EdTech startups are disrupting education for global good
Government bodies trying to alleviate global issues like illiteracy, disease and poverty commonly face daunting statistics, logistic challenges and funding shortages. For example, the United Nations Educational, Scientific and Cultural Organization estimates that 617 million children today are not achieving minimum reading and math proficiency.
How can this and other such problems be addressed? Should government organizations let technology startups bring the convenience, accessibility and cost savings they’ve brought to business and consumer domains into the public sector?
Janine Teo (pictured, left), founder and chief executive officer of Solve Education!; Hugo Richard (center), co-founder and CEO of Dystech Australia Pty. Ltd.; and Vincent Quah (right), regional head of education, research, healthcare and not-for-profit, APAC public sector, at Amazon Web Services, spoke with John Furrier, host of theCUBE, SiliconANGLE Media’s livestreaming studio, during the AWS Public Sector Summit Online event. They discussed how technology can transform education for the better and the AWS EdStart startup accelerator program. (* Disclosure below.)
How tech is increasing worldwide education
Programs that fight major global problems, like poverty or hunger, commonly require careful planning and logistic coordination. However, providing basic education may actually be feasible purely through tech solutions, according to Teo.
“Perhaps I’m biased because I am a computer engineer, but I see that education is the only one that can be solved by transforming bytes,” Teo said.
Teo and Solve Education! co-founder Peng Tsin Ong began to see smartphones as a highly accessible, affordable way to offer access to educational material. The startup delivers self-education and employment opportunities through fun, easy-to-use tools available for free, online and offline.
“Our vision is to enable people to empower themselves,” Teo said.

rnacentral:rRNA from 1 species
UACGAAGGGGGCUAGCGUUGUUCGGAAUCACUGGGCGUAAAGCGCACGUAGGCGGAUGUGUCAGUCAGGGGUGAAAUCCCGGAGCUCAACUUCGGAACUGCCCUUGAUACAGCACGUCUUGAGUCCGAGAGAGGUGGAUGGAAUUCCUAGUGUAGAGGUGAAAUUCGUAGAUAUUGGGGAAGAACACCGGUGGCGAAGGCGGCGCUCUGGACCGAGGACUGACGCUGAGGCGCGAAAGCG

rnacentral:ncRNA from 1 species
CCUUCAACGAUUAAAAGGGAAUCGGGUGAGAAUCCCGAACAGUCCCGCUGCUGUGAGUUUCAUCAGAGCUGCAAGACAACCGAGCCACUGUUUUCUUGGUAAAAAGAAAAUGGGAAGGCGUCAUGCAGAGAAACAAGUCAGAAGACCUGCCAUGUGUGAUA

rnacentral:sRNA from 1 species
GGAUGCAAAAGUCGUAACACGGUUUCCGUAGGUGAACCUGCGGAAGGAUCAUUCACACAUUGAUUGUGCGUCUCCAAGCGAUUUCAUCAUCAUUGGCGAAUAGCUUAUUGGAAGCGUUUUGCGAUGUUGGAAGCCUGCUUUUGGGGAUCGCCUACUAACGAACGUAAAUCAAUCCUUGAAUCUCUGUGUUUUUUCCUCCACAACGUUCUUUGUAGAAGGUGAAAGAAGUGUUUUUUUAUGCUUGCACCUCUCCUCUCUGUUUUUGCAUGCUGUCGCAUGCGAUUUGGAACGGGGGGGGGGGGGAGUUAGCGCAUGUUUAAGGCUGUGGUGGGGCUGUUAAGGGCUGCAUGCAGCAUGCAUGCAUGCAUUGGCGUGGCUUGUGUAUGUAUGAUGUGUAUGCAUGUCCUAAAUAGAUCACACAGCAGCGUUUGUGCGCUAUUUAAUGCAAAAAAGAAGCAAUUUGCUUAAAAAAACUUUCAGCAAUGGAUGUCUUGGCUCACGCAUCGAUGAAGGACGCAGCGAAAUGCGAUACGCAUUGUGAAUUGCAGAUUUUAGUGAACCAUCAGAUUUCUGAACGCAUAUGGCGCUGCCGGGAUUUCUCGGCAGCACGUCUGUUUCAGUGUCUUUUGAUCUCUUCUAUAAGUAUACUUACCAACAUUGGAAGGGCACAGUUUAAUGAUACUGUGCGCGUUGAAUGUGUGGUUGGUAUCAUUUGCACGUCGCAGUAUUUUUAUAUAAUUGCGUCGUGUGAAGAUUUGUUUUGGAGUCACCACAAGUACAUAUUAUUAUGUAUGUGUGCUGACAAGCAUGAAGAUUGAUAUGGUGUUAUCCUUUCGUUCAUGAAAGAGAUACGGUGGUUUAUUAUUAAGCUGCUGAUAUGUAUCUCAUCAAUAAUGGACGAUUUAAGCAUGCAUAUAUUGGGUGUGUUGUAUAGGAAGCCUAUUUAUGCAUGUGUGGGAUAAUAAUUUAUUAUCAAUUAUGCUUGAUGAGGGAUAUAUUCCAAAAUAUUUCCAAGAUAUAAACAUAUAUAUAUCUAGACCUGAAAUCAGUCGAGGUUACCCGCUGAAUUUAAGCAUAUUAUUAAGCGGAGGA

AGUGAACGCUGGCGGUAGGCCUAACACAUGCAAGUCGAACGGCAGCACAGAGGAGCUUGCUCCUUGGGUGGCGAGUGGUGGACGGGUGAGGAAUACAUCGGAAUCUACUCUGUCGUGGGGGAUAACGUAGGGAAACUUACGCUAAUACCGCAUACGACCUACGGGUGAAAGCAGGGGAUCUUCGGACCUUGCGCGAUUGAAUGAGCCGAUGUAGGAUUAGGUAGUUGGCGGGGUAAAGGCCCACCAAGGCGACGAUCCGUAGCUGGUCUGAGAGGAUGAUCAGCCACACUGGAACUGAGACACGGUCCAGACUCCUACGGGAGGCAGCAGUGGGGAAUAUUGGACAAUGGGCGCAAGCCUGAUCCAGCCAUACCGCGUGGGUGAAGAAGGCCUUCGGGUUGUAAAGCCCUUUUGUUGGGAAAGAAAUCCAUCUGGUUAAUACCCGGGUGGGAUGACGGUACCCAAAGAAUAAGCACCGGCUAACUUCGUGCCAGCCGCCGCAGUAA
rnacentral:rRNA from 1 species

Even in highly developed nations, like the U.S., the cost and availability of some educational services can be a hindrance. For example, assessment tests for dyslexia can run up to $6,000 and wait times can be up to a year, according to Richard, who co-founded Dystech Australia, an EdTech startup using smartphones and cloud-based artificial intelligence to reduce the cost and time involved in diagnosing dyslexia. The app relies on models based on recordings of dyslexic patients reading aloud. A person with no training can assess the likelihood that someone has dyslexia in 10 minutes for a cost of $20, according to Richard.
Crowdsourced mobile recordings and cloud computing are the key elements that make Dystech work.
“If it’s on the cloud, it’s accessible for anyone with any device with an internet connection, which is covering most of the globe,” Richard said. “On the AI side, as well, there is a lot of benefit in being able to leverage the computational power of the cloud to make better algorithms and better training.”
Technologizing the public sector
Dystech and Solve Education! are members of EdStart, which offers technical support, AWS cloud credits and membership in a community of founders and investors. AWS is seeing lots of customer activity in EdTech, especially since COVID-19 has forced many education institutions to expand digital offerings rapidly, according to Quay. This is a positive development in his view, as they and other government bodies are due to embrace technology as a better, faster means to solve big challenges.
“I think government is beginning to recognize that they really need to change the way they approach solving social and economic problems,” Quay said.
Digital and customized education, for one, should be constantly available and of high quality, not just emergency backups. Public sector organizations should be looking at how to use technology to the fullest to achieve their goals, according to Quay.
“For those who have not embarked on a clear cloud strategy, this is the time. Don’t wait for another pandemic to happen,” he said.
Here’s the complete video interview, part of SiliconANGLE’s and theCUBE’s coverage of the AWS Public Sector Summit Online event. (* Disclosure: TheCUBE is a paid media partner for the AWS Public Sector Summit Online event. Neither AWS, the sponsor for theCUBE’s event coverage, nor other sponsors have editorial control over content on theCUBE or SiliconANGLE.)
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